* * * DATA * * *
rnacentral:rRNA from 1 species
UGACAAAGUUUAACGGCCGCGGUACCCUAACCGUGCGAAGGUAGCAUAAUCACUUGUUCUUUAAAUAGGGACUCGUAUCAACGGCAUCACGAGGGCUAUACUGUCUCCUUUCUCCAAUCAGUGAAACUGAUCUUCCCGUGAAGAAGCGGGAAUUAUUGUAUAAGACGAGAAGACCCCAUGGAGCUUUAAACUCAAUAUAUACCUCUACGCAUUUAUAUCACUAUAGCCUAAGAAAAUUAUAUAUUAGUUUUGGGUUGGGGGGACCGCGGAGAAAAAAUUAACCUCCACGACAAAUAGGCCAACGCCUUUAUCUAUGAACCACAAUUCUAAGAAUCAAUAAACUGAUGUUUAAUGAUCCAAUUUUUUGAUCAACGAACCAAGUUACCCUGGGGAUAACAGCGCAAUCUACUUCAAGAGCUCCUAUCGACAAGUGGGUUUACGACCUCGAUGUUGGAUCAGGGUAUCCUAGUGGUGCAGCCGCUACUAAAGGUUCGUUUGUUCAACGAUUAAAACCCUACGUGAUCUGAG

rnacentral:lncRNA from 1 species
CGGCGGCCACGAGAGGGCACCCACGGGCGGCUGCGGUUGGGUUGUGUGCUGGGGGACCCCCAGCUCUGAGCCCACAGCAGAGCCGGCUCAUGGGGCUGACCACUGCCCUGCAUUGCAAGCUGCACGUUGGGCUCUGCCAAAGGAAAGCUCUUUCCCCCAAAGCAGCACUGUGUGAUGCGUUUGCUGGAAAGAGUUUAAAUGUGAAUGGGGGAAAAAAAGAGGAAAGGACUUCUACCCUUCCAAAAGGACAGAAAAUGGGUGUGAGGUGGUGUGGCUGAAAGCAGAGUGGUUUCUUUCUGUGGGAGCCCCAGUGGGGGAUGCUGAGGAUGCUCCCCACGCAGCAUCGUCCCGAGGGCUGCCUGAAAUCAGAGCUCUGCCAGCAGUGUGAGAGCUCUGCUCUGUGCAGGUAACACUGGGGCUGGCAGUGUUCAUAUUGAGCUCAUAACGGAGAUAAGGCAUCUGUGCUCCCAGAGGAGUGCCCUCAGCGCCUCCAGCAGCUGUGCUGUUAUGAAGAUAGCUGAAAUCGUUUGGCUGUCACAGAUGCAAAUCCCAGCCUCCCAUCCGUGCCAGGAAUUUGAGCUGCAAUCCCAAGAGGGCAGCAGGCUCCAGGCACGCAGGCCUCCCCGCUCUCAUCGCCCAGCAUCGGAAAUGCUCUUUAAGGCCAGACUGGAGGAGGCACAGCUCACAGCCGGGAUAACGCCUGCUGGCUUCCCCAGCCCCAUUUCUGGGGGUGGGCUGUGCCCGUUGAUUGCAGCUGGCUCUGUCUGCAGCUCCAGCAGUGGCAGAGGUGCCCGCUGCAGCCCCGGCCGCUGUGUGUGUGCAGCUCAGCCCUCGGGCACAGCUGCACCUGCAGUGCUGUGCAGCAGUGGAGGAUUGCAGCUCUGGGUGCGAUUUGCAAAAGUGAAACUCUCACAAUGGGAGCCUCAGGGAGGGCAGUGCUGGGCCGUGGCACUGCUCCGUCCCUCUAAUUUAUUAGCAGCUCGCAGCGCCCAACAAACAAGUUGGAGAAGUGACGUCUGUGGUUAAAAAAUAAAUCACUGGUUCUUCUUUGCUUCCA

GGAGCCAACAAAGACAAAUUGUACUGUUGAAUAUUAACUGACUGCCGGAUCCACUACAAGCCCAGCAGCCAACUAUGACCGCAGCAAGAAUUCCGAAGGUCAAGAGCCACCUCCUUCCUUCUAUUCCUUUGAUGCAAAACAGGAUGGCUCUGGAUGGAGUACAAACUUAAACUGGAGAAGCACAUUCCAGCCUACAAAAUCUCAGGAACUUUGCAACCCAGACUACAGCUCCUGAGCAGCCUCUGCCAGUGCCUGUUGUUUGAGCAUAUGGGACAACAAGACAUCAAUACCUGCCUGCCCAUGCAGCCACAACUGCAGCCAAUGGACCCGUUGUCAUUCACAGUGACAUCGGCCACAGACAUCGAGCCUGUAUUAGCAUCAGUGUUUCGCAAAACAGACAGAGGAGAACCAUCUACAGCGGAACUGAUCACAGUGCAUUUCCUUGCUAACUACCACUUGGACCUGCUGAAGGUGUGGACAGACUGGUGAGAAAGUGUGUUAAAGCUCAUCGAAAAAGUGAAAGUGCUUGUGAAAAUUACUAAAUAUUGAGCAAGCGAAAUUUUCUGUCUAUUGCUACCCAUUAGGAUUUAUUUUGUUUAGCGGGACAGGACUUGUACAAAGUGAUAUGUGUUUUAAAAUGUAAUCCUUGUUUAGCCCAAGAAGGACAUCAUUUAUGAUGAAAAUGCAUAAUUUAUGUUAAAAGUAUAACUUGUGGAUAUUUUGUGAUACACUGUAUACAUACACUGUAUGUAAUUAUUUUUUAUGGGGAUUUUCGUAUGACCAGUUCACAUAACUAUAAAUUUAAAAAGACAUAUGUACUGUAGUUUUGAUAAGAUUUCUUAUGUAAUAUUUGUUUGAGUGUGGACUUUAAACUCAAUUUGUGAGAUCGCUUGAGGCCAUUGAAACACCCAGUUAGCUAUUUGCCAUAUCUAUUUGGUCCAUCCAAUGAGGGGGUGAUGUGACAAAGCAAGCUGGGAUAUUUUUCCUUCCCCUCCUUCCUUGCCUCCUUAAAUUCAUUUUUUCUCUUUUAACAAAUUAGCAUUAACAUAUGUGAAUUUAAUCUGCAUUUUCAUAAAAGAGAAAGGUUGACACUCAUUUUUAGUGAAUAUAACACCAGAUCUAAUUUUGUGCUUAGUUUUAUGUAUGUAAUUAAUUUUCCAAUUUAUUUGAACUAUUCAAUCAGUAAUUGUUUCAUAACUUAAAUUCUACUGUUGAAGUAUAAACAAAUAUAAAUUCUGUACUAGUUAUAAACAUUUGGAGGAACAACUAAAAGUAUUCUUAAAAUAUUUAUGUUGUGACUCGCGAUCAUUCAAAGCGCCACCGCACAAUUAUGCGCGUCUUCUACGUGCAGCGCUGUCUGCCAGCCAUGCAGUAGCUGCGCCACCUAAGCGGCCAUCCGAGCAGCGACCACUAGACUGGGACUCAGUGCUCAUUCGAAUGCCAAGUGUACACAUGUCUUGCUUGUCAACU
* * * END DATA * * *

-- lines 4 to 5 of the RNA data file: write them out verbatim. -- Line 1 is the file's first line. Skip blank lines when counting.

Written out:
CGGCGGCCACGAGAGGGCACCCACGGGCGGCUGCGGUUGGGUUGUGUGCUGGGGGACCCCCAGCUCUGAGCCCACAGCAGAGCCGGCUCAUGGGGCUGACCACUGCCCUGCAUUGCAAGCUGCACGUUGGGCUCUGCCAAAGGAAAGCUCUUUCCCCCAAAGCAGCACUGUGUGAUGCGUUUGCUGGAAAGAGUUUAAAUGUGAAUGGGGGAAAAAAAGAGGAAAGGACUUCUACCCUUCCAAAAGGACAGAAAAUGGGUGUGAGGUGGUGUGGCUGAAAGCAGAGUGGUUUCUUUCUGUGGGAGCCCCAGUGGGGGAUGCUGAGGAUGCUCCCCACGCAGCAUCGUCCCGAGGGCUGCCUGAAAUCAGAGCUCUGCCAGCAGUGUGAGAGCUCUGCUCUGUGCAGGUAACACUGGGGCUGGCAGUGUUCAUAUUGAGCUCAUAACGGAGAUAAGGCAUCUGUGCUCCCAGAGGAGUGCCCUCAGCGCCUCCAGCAGCUGUGCUGUUAUGAAGAUAGCUGAAAUCGUUUGGCUGUCACAGAUGCAAAUCCCAGCCUCCCAUCCGUGCCAGGAAUUUGAGCUGCAAUCCCAAGAGGGCAGCAGGCUCCAGGCACGCAGGCCUCCCCGCUCUCAUCGCCCAGCAUCGGAAAUGCUCUUUAAGGCCAGACUGGAGGAGGCACAGCUCACAGCCGGGAUAACGCCUGCUGGCUUCCCCAGCCCCAUUUCUGGGGGUGGGCUGUGCCCGUUGAUUGCAGCUGGCUCUGUCUGCAGCUCCAGCAGUGGCAGAGGUGCCCGCUGCAGCCCCGGCCGCUGUGUGUGUGCAGCUCAGCCCUCGGGCACAGCUGCACCUGCAGUGCUGUGCAGCAGUGGAGGAUUGCAGCUCUGGGUGCGAUUUGCAAAAGUGAAACUCUCACAAUGGGAGCCUCAGGGAGGGCAGUGCUGGGCCGUGGCACUGCUCCGUCCCUCUAAUUUAUUAGCAGCUCGCAGCGCCCAACAAACAAGUUGGAGAAGUGACGUCUGUGGUUAAAAAAUAAAUCACUGGUUCUUCUUUGCUUCCA

GGAGCCAACAAAGACAAAUUGUACUGUUGAAUAUUAACUGACUGCCGGAUCCACUACAAGCCCAGCAGCCAACUAUGACCGCAGCAAGAAUUCCGAAGGUCAAGAGCCACCUCCUUCCUUCUAUUCCUUUGAUGCAAAACAGGAUGGCUCUGGAUGGAGUACAAACUUAAACUGGAGAAGCACAUUCCAGCCUACAAAAUCUCAGGAACUUUGCAACCCAGACUACAGCUCCUGAGCAGCCUCUGCCAGUGCCUGUUGUUUGAGCAUAUGGGACAACAAGACAUCAAUACCUGCCUGCCCAUGCAGCCACAACUGCAGCCAAUGGACCCGUUGUCAUUCACAGUGACAUCGGCCACAGACAUCGAGCCUGUAUUAGCAUCAGUGUUUCGCAAAACAGACAGAGGAGAACCAUCUACAGCGGAACUGAUCACAGUGCAUUUCCUUGCUAACUACCACUUGGACCUGCUGAAGGUGUGGACAGACUGGUGAGAAAGUGUGUUAAAGCUCAUCGAAAAAGUGAAAGUGCUUGUGAAAAUUACUAAAUAUUGAGCAAGCGAAAUUUUCUGUCUAUUGCUACCCAUUAGGAUUUAUUUUGUUUAGCGGGACAGGACUUGUACAAAGUGAUAUGUGUUUUAAAAUGUAAUCCUUGUUUAGCCCAAGAAGGACAUCAUUUAUGAUGAAAAUGCAUAAUUUAUGUUAAAAGUAUAACUUGUGGAUAUUUUGUGAUACACUGUAUACAUACACUGUAUGUAAUUAUUUUUUAUGGGGAUUUUCGUAUGACCAGUUCACAUAACUAUAAAUUUAAAAAGACAUAUGUACUGUAGUUUUGAUAAGAUUUCUUAUGUAAUAUUUGUUUGAGUGUGGACUUUAAACUCAAUUUGUGAGAUCGCUUGAGGCCAUUGAAACACCCAGUUAGCUAUUUGCCAUAUCUAUUUGGUCCAUCCAAUGAGGGGGUGAUGUGACAAAGCAAGCUGGGAUAUUUUUCCUUCCCCUCCUUCCUUGCCUCCUUAAAUUCAUUUUUUCUCUUUUAACAAAUUAGCAUUAACAUAUGUGAAUUUAAUCUGCAUUUUCAUAAAAGAGAAAGGUUGACACUCAUUUUUAGUGAAUAUAACACCAGAUCUAAUUUUGUGCUUAGUUUUAUGUAUGUAAUUAAUUUUCCAAUUUAUUUGAACUAUUCAAUCAGUAAUUGUUUCAUAACUUAAAUUCUACUGUUGAAGUAUAAACAAAUAUAAAUUCUGUACUAGUUAUAAACAUUUGGAGGAACAACUAAAAGUAUUCUUAAAAUAUUUAUGUUGUGACUCGCGAUCAUUCAAAGCGCCACCGCACAAUUAUGCGCGUCUUCUACGUGCAGCGCUGUCUGCCAGCCAUGCAGUAGCUGCGCCACCUAAGCGGCCAUCCGAGCAGCGACCACUAGACUGGGACUCAGUGCUCAUUCGAAUGCCAAGUGUACACAUGUCUUGCUUGUCAACU